ugly story to tell. Apparently the story had been reported in the national media, but since I can't read everything, I guess I missed it. And as much as I'd like to think that this country has made progress with situations of this nature, I am brought back into reality with stories like this, which tell me we really have not progressed at all. It's shameful.

A movie about this incident, starring Halle Berry and Billy Bob Thornton, is currently in production and is supposed to be out this year. Maybe shedding some light on the what happened will bring awareness to so many people who don't know the story, like I didn't.

As it says at the end of the linked article, " the time of the Governor's pardons...thirty-eight people dad cumulatively spent over 70 years wrongly imprisoned in Texas jails and is a telling commentary on deep rooted defects in this country’s judicial process that the legal lynching of the pardoned Tulia defendants will never be officially condemned by a court in this country. Yet the three ringleaders that orchestrated their wrongful convictions walk the streets as if they were respectable folks."

Chalk this up as one more reason for me to dislike Texas. As it stands right now, it seems the only good thing to come out of Texas so far is my Eddie.


J said...

I hate Texas, for so many reasons.

As for Lubbock - the teen pregnancy rate there is really high. Not much else to do. See "The Education of Shelby Knox" - available on Netflix.

As for people being racist - of course. Plenty of people who are sexist, too. Gender is a huge issue, too. I'm sure that there are plenty who will vote male over female any day, just as there are many who will vote white over black. Depressing no matter how you look at it. "Best candidate," my ass. "Individual who is least threatening to me personally, regardless of actually positions or experience" is more like it.

(One more glass of wine and I'll solve world hunger, dontchaknow).

Michelle | Bleeding Espresso said...

Let it be said that I voted for Clinton and hope to do so again (unlesss Al Gore will please please come and save us).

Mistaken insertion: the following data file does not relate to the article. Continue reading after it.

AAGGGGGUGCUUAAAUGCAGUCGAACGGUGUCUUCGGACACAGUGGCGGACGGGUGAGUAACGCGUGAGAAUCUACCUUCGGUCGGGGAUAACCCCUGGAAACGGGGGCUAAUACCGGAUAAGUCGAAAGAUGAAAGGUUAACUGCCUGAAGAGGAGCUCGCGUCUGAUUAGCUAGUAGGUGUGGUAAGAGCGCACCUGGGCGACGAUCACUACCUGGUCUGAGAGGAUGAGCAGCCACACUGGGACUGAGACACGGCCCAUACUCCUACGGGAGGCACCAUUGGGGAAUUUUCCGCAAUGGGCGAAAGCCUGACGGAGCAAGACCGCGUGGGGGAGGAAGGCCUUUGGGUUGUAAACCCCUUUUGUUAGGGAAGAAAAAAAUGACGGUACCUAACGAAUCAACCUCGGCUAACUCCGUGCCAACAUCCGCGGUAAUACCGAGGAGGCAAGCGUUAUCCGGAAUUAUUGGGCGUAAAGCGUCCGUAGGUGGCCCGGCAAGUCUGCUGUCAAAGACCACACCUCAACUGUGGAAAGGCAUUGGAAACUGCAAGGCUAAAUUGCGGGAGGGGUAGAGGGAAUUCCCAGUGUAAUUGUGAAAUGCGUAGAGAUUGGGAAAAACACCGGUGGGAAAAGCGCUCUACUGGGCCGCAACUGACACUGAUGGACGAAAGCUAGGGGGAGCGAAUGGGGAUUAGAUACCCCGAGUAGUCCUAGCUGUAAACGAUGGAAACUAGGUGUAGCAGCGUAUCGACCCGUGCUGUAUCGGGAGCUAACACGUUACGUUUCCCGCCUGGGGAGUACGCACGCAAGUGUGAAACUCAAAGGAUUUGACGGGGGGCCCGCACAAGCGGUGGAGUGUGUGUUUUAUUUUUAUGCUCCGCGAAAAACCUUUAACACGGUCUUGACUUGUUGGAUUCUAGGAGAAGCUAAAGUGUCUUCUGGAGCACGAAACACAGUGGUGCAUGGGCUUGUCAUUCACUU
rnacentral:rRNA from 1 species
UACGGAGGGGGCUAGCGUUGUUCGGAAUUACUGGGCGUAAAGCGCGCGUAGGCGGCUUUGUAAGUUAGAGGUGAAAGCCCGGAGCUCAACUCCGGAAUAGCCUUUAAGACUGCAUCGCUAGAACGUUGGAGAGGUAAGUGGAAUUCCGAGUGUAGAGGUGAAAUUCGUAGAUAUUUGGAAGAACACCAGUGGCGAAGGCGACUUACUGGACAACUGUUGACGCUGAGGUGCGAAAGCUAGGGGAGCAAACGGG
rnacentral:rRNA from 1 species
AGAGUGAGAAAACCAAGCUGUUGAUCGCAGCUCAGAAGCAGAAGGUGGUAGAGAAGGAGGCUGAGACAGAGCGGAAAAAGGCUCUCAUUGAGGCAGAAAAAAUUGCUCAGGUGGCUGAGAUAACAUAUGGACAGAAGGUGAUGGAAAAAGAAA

I happen to be from rural PA, and I have to admit that I've gone back and forth about Obama's comment. My first, gut reaction was that he was right and speaking the truth that is sometimes hard to hear. I think what is often left off of the discussion is his idea that people are JUSTIFIABLY bitter--I think he said that, or at least implied it. The phrasing, undoubtedly, was bad though.

My other reaction is one of protectiveness and a need to explain (defend!) that religion and guns didn't come about b/c of bitterness...that's what makes it sound condescending. Hunting is *very* popular b/c, hey, we'd be overrun by deer if it wasn't...and we can't afford to buy a lot of meat at the grocery store...and....and...and...

I actually *don't* think Obama meant it the way it's been interpreted (and I find it disgusting that it's become such an issue), but for a whole lot of people who weren't going to vote for him anyway, that certainly didn't help.

So I'm torn. Obama's comment is dead on if poorly phrased BUT I'm also feeling the whole "Yeah my family is CRAZY and I can say that, but don't YOU touch them" thing, you know?

Also, I can tell you that Obama's alleged ties with Islam are really more of a problem with a lot of the rural Pennsylvanians I know; how closely connected that is with being (half)black, well, that's a darn good question.

Eddie's from Texas? Get out! Does he have an accent?

Anonymous said...

I haven't managed to read this entire post yet (getting there shortly) but I have to say, I agree with the 'people have shitty lives and this makes them angry and bitter'.

Overheard someone say the other day that all the energy saving light bulbs in walmart made them sick. They couldn't REALLY be that bent out of shape with green bulbs. Something else is going on in their lives and that something else is making them lash out.

I'm not sure that Obama should have said what he said - mainly because he ran the risk of alienating the upset masses. But I understand what he meant. I understand it completely.